Not long ago, cannabis was widely denounced as a dangerous “gateway drug” with no medical value whatsoever. Today, at least two-thirds of Americans support the legalization of cannabis, especially for medical use, and cannabis medicine has emerged as a way to manage a wide variety of symptoms related to conditions ranging from chronic pain to PTSD to fibromyalgia and multiple sclerosis.
But despite this widespread and growing acceptance, the question of how to talk about cannabis use can still be challenging, especially when it comes to one’s family. The physicians, clinicians, and researchers at Vireo Health have experience helping patients negotiate this sometimes difficult process. We’ll share a few of our top tips, in the hopes that greater honesty, transparency, and forthrightness is always a good thing.
How to Talk about Cannabis Use: Cutting Through Misconceptions about Cannabis
The question of how to approach a family conversation about cannabis use depends upon whom you’re talking with. A conversation with young children, for instance, would probably go along very different lines than one with elderly parents. But some factors are fairly constant. And we believe the most important one is to proceed with both an open mind and an open heart.
Even if you maintain clear lines of communication with family members, some of them might be resistant to discussing medical matters. For some people, the subject of any medical condition is challenging or even threatening. Expect that some members of your family might be resistant to visiting the topic at all, whether or not it concerns cannabis.
Then there’s the historic stigma around cannabis. Many people—especially those of older generations, who were subject to decades of alarmist propaganda about the dangers of cannabis use—can find it challenging to accept that cannabis has a valid medical use. Open-heartedness aside, sometimes it’s useful to prepare oneself with cold, hard facts. And the fact is that medical cannabis is now legal in some 33 states. The list of qualifying conditions it helps manage varies state-to-state, but generally includes:
- ALS (Lou Gehrig’s disease)
- Chronic Pain
- Multiple Sclerosis
- Post-Traumatic Stress Disorder
From helping young children overcome debilitating conditions such as epilepsy to aiding senior citizens in managing chronic pain, insomnia, and other symptoms without opioids, cannabis is a firmly established medicine for a wide variety of conditions and a large population of Americans.
How to Talk about Cannabis Use: Marijuana Without the High?
Arguably, the root of the many misconceptions around cannabis stems from the intoxicating “high” associated with the cannabinoid THC, one of the many medically active compounds found in the cannabis plant. While THC is associated with a wide variety of useful interactions with the body—including fighting pain, relieving inflammation, and many others.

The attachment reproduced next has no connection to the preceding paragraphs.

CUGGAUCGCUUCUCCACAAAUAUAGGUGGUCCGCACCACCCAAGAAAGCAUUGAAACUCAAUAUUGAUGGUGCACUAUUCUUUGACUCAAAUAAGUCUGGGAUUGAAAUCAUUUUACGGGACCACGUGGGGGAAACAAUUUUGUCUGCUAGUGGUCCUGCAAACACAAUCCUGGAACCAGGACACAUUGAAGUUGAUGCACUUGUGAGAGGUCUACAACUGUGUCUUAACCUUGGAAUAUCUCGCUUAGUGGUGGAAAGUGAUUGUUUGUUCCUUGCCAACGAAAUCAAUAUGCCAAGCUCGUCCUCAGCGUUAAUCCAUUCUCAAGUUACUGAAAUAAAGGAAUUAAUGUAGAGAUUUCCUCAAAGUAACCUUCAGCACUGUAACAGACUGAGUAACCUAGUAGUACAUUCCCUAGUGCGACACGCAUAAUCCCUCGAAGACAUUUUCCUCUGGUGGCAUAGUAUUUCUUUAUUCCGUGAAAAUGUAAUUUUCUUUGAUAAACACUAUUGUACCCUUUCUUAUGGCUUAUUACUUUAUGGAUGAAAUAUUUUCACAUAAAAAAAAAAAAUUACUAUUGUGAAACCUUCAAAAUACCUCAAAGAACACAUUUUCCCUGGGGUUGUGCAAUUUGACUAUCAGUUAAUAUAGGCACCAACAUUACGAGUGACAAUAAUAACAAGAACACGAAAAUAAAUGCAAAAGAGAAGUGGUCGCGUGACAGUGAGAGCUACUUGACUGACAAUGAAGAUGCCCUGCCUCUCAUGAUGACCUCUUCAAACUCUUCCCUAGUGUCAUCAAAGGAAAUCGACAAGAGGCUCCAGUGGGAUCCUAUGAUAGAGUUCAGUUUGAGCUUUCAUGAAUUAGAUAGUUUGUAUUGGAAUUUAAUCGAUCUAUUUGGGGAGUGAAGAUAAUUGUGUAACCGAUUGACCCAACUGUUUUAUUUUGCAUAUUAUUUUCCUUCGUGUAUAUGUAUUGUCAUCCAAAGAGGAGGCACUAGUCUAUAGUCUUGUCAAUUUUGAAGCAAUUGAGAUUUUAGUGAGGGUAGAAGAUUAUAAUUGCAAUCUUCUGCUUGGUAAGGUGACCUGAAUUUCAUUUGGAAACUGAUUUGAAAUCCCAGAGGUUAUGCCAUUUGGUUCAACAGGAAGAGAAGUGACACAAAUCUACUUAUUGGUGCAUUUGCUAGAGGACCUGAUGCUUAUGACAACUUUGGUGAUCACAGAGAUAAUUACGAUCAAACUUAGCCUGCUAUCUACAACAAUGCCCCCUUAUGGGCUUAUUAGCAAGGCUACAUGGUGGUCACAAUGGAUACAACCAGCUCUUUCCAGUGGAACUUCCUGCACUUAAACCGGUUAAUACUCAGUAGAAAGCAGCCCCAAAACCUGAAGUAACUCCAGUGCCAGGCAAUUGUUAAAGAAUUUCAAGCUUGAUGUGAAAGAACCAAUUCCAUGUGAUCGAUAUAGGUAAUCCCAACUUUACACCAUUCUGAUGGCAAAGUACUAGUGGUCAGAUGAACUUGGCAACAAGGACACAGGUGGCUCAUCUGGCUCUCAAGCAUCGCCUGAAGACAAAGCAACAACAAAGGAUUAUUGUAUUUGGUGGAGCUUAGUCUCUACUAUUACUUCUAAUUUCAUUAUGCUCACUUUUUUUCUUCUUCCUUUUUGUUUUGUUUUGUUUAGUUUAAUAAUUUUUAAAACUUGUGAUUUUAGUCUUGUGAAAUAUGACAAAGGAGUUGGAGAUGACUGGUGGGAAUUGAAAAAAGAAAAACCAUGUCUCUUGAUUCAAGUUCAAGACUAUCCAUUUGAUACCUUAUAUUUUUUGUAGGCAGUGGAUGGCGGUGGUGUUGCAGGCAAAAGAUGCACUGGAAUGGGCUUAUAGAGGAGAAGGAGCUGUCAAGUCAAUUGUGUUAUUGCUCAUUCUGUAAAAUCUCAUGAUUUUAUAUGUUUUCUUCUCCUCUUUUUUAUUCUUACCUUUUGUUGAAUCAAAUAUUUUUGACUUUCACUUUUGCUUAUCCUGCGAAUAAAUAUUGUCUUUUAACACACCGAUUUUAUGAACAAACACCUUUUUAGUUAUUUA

You’ve probably heard of CBD, the second-most-prevalent cannabinoid after THC. It’s received a great deal of attention lately due to some intriguing and potentially useful effects of its own. Although we’re waiting on more authoritative research, research suggests that CBD delivers powerful anxiety-relieving, pain-fighting, and seizure-reducing effects.
Because most researchers feel that THC and CBD are most effective when used together, most cannabis medicines deliver a combination of these two cannabinoids. With a general trend towards including a higher ratio of CBD, many cannabis medicines are becoming less and less intoxicating while delivering more highly tuned and specific results.
This knowledge can come in handy when pondering how to talk about cannabis use. Because the emphasis is on medical usefulness over intoxication, those using those medications may well experience little to no intoxication. When the question of whether or not their loved one will seem impaired is removed or reduced, family members often have an easier time adjusting to the notion that cannabis is a valid and useful medicine.
Of course, this is only an introduction to a wide-ranging and potentially complicated topic. If you have questions about how to talk about cannabis use, we’d love to have you join this important conversation. Feel free to contact us anytime, we’re always ready to help.